E3D has been making progress with their updated product set.
I spoke with an E3D representative recently to find out more about their fascinating Revo hot end system.
The Revo system is a greatly simplified design for hot ends that enables great performance and significantly easier operations than typical hot ends. For example, you can swap out a nozzle with one hand without the requirement for heating the nozzle.
The system is definitely innovative, but there are some challenges, albeit not technical in nature. E3D’s prior products were open sourced, in particular the very popular E3D-v6 hot end design, which has subsequently become a standard among most 3D printer manufacturers.
However, the uniqueness of the Revo system caused E3D to tweak their licensing terms. Basically they’ve set it up so that the cold side of the hot end is open source, while the hot side remains their intellectual property. This was done as a matter of survival for the company, as it is a near certainty that the Revo’s unique design would be mass produced and sold by others, cutting out much business for E3D.
That said, E3D is proceeding well with the Revo. The company announced a couple of new versions of the Revo recently.
One is the Revo Hemera XS, a Revo version of their popular Hemera extrusion system. Seen at top, the system is almost 100g lighter than the previous Hemera. This should allow operators to raise the speed of the printer’s motion system a bit, as there is less inertia to overcome during directional changes. Of course, all the normal benefits of the Revo system are also present.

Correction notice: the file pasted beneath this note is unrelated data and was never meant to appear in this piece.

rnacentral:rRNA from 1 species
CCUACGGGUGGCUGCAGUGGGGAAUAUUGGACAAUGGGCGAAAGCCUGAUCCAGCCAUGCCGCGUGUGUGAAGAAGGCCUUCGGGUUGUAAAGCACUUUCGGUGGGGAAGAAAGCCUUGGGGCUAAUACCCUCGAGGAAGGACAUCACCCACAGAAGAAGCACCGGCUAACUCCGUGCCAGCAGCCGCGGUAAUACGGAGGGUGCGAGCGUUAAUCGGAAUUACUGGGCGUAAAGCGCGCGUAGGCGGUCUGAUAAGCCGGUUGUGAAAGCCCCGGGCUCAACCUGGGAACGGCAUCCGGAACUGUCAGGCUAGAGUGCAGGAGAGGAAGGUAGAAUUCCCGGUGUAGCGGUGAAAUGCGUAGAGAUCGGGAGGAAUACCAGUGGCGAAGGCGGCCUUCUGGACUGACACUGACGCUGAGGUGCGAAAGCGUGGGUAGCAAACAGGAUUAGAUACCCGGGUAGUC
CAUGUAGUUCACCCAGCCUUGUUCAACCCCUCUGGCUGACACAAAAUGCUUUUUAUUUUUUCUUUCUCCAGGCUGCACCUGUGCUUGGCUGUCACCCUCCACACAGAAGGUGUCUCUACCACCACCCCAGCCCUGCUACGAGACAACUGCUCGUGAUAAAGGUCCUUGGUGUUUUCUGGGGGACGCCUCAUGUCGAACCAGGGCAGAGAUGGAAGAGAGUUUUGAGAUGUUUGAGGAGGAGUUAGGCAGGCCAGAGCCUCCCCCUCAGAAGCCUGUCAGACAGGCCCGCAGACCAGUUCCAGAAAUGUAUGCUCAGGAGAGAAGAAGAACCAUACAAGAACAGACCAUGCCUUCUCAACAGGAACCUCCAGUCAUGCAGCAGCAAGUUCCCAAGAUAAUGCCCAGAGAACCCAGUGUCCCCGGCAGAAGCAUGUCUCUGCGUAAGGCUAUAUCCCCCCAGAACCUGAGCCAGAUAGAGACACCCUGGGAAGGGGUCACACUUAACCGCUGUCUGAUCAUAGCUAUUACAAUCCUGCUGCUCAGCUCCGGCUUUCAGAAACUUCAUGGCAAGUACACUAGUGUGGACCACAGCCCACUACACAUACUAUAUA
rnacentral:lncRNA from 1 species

A very intriguing recent development is the release of the Revo CR, a hot end replacement for Creality 3D printers. Creality is likely the manufacturer producing the most units these days, and many of them could potentially be used in Creality Enders, CR-10s, etc. E3D explains:
“Thanks to this Creality-specific Heatercore and the inclusion of butt splice connectors, to install Revo CR you don’t need to touch any firmware or even open your wiring loom. In fact, the upgrade can be done in as little as 5 to 10 minutes.”
E3D also has similar offerings for BIQU equipment and the popular Voron kit 3D printer.
One of the most interesting entries in the Revo series is the Revo Micro, which might be the lightest hot end ever at only 30g. With this component, operators might be able to achieve considerable speed advantages and still produce quality prints.
For the future, there are plenty of plans for E3D. One is the intent to make a Revo version of their ObXidian nozzle, which is much harder than standard brass nozzles. This will permit longer usage when printing abrasive materials like carbon-fiber reinforced filament.
Finally, I asked E3D whether they’ve changed their company name. The actual name of the company is “E3D-Online”, but in recent times I’ve increasingly seen them officially branded as the much-easier-to-type “E3D”. Evidently they have been officially rebranding, but in a quiet manner. But we noticed, and think it’s a good thing and henceforth we shall call them “E3D”.